Imagine the story of Erin Brockovich set in the small town of Friday Night Lights’ Dillon, Texas, and you have this debut novel.
Brandes captures small town life perfectly with a rotating set of narrators to push the story along. The book starts out with Jack Pierson, apple orchard owner, as he’s mourning the separation between him and his wife, LeeAnn. Jack’s younger brother, Wade, and LeeAnn’s first love has been gone from town for 20 years and decides to return to get folks in town signing leases over to his new company so they can start earning money.
So imagine how well that goes over considering all the family issues between these two brothers. On top of it all, LeeAnn is struggling with her desire for a child and coming to grips with the fact her mother is dying of cancer.
As an environmental scientist, Brandes could have easily bogged the readers down with technical terms and textbook-like writing, but the story flows for these characters as we yearn for happy endings for them all. Their motivations and feelings are front and center.
The last quarter of the book had me racing to see how the chilling climax would play out. No matter how much time has passed, will the bond between blood relatives hold amidst small town struggles or is what they say true, that money makes the world go ’round? Be sure to pick up your copy to find out.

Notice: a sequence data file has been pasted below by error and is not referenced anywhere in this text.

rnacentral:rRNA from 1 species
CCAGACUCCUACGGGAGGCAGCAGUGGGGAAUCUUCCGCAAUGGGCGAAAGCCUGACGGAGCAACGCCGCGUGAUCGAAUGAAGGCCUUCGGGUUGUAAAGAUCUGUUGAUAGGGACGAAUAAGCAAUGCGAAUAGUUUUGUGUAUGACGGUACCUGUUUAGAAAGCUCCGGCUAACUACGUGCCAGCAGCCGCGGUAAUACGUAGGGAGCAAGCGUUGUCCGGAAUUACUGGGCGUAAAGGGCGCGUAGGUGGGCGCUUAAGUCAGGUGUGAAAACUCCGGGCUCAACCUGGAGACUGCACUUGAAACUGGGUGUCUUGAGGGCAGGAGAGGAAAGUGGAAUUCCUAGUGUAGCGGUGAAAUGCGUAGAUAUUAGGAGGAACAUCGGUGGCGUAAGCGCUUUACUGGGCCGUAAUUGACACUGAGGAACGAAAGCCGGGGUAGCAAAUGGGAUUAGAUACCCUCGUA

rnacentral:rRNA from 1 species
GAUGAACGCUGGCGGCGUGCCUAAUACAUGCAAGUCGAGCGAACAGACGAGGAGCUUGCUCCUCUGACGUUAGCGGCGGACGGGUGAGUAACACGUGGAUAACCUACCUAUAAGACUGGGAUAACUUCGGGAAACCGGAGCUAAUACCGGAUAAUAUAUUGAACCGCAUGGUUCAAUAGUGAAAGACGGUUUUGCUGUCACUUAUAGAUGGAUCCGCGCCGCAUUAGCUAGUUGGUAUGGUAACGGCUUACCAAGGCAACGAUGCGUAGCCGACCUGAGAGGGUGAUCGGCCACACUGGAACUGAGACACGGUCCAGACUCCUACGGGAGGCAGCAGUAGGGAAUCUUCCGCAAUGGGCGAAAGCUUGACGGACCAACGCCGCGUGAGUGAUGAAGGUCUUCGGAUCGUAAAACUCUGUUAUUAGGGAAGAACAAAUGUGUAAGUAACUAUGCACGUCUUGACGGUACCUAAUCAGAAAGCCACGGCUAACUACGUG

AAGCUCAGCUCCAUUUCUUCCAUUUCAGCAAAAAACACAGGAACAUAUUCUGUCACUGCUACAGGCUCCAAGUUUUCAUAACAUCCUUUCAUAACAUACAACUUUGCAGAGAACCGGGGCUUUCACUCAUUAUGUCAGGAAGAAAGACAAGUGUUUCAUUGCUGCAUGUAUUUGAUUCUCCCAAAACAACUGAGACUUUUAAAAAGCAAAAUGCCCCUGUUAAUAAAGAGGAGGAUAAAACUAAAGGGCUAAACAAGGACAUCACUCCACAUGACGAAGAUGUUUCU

A special thanks to Kate Brandes, who is sharing with our readers what it’s like to write her debut novel!
When You’ve Never Written Fiction Before, How Long Does it Take to Write a Novel?
The Promise of Pierson Orchard is my first novel. This story is Erin Brockovich meets Promised Land, about a Pennsylvania family threatened by betrayal, financial desperation, old flames, fracking, and ultimately finding forgiveness.
I’ve spent my career working as an environmental scientist not as a writer, so my biggest hurdle to writing a long work of fiction was not to learn to write beautifully, but instead to learn how to tell a compelling story in the written form. In order to do that, I worked for seven years on countless drafts and shared my novel with anyone I thought would provide helpful feedback.
I kept a novel writing log over the years of drafting this first book from concept to publication.
Sometimes it takes many failures to develop something good.
2010 to 2011: Write what I think is first draft of novel, but is really just a concept.
2011 to Mid-2012: Write what I think is first draft of novel, but it’s really just me avoiding the story because I’m afraid. I set the whole thing aside and start from page one.
Mid-2012 to Early 2013: Write first draft.
Early 2013 to Fall 2014: Change premise because I finally realize what the heart of the story is about. Rewrite first draft entirely.
Fall 2014 to Spring 2016: Change main character of the story. Another major rewrite. And more rewrites. And more! Query many agents and publishers. Get rejected over and over and over.
Spring 2016 – But then….Get publisher! Get agent! More rewriting!
Spring 2017 – A published book
Thanks to TLC Book Tours, I have one copy to give away to a lucky reader. U.S. and Canada only, please. Enter on the Rafflecopter.
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